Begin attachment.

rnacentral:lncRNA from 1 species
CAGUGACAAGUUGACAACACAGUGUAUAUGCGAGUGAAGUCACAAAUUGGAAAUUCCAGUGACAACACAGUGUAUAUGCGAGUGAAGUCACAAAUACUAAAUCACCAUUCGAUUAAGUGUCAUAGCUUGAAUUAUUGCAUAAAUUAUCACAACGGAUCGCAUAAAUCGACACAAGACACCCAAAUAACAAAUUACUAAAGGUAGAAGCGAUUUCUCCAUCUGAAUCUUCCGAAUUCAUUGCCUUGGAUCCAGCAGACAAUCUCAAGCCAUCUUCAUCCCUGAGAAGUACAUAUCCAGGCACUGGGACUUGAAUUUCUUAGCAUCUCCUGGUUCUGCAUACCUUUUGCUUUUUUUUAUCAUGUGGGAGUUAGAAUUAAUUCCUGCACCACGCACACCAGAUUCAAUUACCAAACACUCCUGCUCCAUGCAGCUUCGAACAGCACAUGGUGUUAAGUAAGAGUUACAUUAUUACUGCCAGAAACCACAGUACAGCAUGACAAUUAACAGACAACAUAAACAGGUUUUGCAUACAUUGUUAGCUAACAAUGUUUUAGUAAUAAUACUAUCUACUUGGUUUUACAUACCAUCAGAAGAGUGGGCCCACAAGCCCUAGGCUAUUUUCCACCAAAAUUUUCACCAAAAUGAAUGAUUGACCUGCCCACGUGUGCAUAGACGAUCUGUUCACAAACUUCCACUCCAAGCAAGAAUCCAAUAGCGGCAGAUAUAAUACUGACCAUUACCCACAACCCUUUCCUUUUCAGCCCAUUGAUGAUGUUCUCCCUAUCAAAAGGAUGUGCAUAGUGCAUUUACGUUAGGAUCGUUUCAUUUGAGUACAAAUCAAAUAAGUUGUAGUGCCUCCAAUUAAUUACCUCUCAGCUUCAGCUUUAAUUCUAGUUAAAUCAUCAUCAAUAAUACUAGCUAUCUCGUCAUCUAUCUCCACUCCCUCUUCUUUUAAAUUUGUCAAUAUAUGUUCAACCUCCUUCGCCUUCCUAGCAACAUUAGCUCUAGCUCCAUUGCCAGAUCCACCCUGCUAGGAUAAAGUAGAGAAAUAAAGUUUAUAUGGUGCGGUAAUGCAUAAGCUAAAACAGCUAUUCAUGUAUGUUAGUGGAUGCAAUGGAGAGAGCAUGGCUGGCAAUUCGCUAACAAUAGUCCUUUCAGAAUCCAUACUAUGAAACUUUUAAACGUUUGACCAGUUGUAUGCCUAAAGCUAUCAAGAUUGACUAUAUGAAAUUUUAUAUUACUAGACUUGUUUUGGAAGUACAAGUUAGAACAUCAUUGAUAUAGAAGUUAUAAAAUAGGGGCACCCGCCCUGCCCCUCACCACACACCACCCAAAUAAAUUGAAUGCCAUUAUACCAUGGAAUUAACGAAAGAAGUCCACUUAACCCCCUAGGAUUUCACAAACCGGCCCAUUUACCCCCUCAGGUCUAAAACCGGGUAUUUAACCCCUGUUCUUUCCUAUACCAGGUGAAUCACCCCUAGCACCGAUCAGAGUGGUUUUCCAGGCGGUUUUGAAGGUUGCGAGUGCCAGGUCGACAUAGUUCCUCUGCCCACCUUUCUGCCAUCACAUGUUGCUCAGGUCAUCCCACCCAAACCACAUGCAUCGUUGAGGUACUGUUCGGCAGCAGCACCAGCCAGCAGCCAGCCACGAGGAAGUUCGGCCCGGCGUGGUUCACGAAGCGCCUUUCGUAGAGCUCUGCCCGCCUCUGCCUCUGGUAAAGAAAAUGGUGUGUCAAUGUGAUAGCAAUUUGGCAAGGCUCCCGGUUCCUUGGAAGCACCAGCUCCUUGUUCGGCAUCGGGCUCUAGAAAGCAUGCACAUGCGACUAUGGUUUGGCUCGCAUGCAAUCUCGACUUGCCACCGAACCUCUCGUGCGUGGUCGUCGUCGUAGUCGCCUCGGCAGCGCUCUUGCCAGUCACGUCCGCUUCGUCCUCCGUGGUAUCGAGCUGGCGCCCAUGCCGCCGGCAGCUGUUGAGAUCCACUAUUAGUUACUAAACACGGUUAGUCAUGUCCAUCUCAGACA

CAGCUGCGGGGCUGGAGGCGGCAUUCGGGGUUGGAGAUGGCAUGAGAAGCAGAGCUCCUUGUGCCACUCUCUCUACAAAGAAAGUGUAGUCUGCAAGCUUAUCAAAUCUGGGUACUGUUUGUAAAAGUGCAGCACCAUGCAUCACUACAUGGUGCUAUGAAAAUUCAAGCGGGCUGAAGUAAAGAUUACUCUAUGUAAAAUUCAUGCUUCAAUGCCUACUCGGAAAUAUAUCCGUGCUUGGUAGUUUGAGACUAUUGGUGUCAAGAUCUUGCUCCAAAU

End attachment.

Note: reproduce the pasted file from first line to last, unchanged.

rnacentral:lncRNA from 1 species
CAGUGACAAGUUGACAACACAGUGUAUAUGCGAGUGAAGUCACAAAUUGGAAAUUCCAGUGACAACACAGUGUAUAUGCGAGUGAAGUCACAAAUACUAAAUCACCAUUCGAUUAAGUGUCAUAGCUUGAAUUAUUGCAUAAAUUAUCACAACGGAUCGCAUAAAUCGACACAAGACACCCAAAUAACAAAUUACUAAAGGUAGAAGCGAUUUCUCCAUCUGAAUCUUCCGAAUUCAUUGCCUUGGAUCCAGCAGACAAUCUCAAGCCAUCUUCAUCCCUGAGAAGUACAUAUCCAGGCACUGGGACUUGAAUUUCUUAGCAUCUCCUGGUUCUGCAUACCUUUUGCUUUUUUUUAUCAUGUGGGAGUUAGAAUUAAUUCCUGCACCACGCACACCAGAUUCAAUUACCAAACACUCCUGCUCCAUGCAGCUUCGAACAGCACAUGGUGUUAAGUAAGAGUUACAUUAUUACUGCCAGAAACCACAGUACAGCAUGACAAUUAACAGACAACAUAAACAGGUUUUGCAUACAUUGUUAGCUAACAAUGUUUUAGUAAUAAUACUAUCUACUUGGUUUUACAUACCAUCAGAAGAGUGGGCCCACAAGCCCUAGGCUAUUUUCCACCAAAAUUUUCACCAAAAUGAAUGAUUGACCUGCCCACGUGUGCAUAGACGAUCUGUUCACAAACUUCCACUCCAAGCAAGAAUCCAAUAGCGGCAGAUAUAAUACUGACCAUUACCCACAACCCUUUCCUUUUCAGCCCAUUGAUGAUGUUCUCCCUAUCAAAAGGAUGUGCAUAGUGCAUUUACGUUAGGAUCGUUUCAUUUGAGUACAAAUCAAAUAAGUUGUAGUGCCUCCAAUUAAUUACCUCUCAGCUUCAGCUUUAAUUCUAGUUAAAUCAUCAUCAAUAAUACUAGCUAUCUCGUCAUCUAUCUCCACUCCCUCUUCUUUUAAAUUUGUCAAUAUAUGUUCAACCUCCUUCGCCUUCCUAGCAACAUUAGCUCUAGCUCCAUUGCCAGAUCCACCCUGCUAGGAUAAAGUAGAGAAAUAAAGUUUAUAUGGUGCGGUAAUGCAUAAGCUAAAACAGCUAUUCAUGUAUGUUAGUGGAUGCAAUGGAGAGAGCAUGGCUGGCAAUUCGCUAACAAUAGUCCUUUCAGAAUCCAUACUAUGAAACUUUUAAACGUUUGACCAGUUGUAUGCCUAAAGCUAUCAAGAUUGACUAUAUGAAAUUUUAUAUUACUAGACUUGUUUUGGAAGUACAAGUUAGAACAUCAUUGAUAUAGAAGUUAUAAAAUAGGGGCACCCGCCCUGCCCCUCACCACACACCACCCAAAUAAAUUGAAUGCCAUUAUACCAUGGAAUUAACGAAAGAAGUCCACUUAACCCCCUAGGAUUUCACAAACCGGCCCAUUUACCCCCUCAGGUCUAAAACCGGGUAUUUAACCCCUGUUCUUUCCUAUACCAGGUGAAUCACCCCUAGCACCGAUCAGAGUGGUUUUCCAGGCGGUUUUGAAGGUUGCGAGUGCCAGGUCGACAUAGUUCCUCUGCCCACCUUUCUGCCAUCACAUGUUGCUCAGGUCAUCCCACCCAAACCACAUGCAUCGUUGAGGUACUGUUCGGCAGCAGCACCAGCCAGCAGCCAGCCACGAGGAAGUUCGGCCCGGCGUGGUUCACGAAGCGCCUUUCGUAGAGCUCUGCCCGCCUCUGCCUCUGGUAAAGAAAAUGGUGUGUCAAUGUGAUAGCAAUUUGGCAAGGCUCCCGGUUCCUUGGAAGCACCAGCUCCUUGUUCGGCAUCGGGCUCUAGAAAGCAUGCACAUGCGACUAUGGUUUGGCUCGCAUGCAAUCUCGACUUGCCACCGAACCUCUCGUGCGUGGUCGUCGUCGUAGUCGCCUCGGCAGCGCUCUUGCCAGUCACGUCCGCUUCGUCCUCCGUGGUAUCGAGCUGGCGCCCAUGCCGCCGGCAGCUGUUGAGAUCCACUAUUAGUUACUAAACACGGUUAGUCAUGUCCAUCUCAGACA

CAGCUGCGGGGCUGGAGGCGGCAUUCGGGGUUGGAGAUGGCAUGAGAAGCAGAGCUCCUUGUGCCACUCUCUCUACAAAGAAAGUGUAGUCUGCAAGCUUAUCAAAUCUGGGUACUGUUUGUAAAAGUGCAGCACCAUGCAUCACUACAUGGUGCUAUGAAAAUUCAAGCGGGCUGAAGUAAAGAUUACUCUAUGUAAAAUUCAUGCUUCAAUGCCUACUCGGAAAUAUAUCCGUGCUUGGUAGUUUGAGACUAUUGGUGUCAAGAUCUUGCUCCAAAU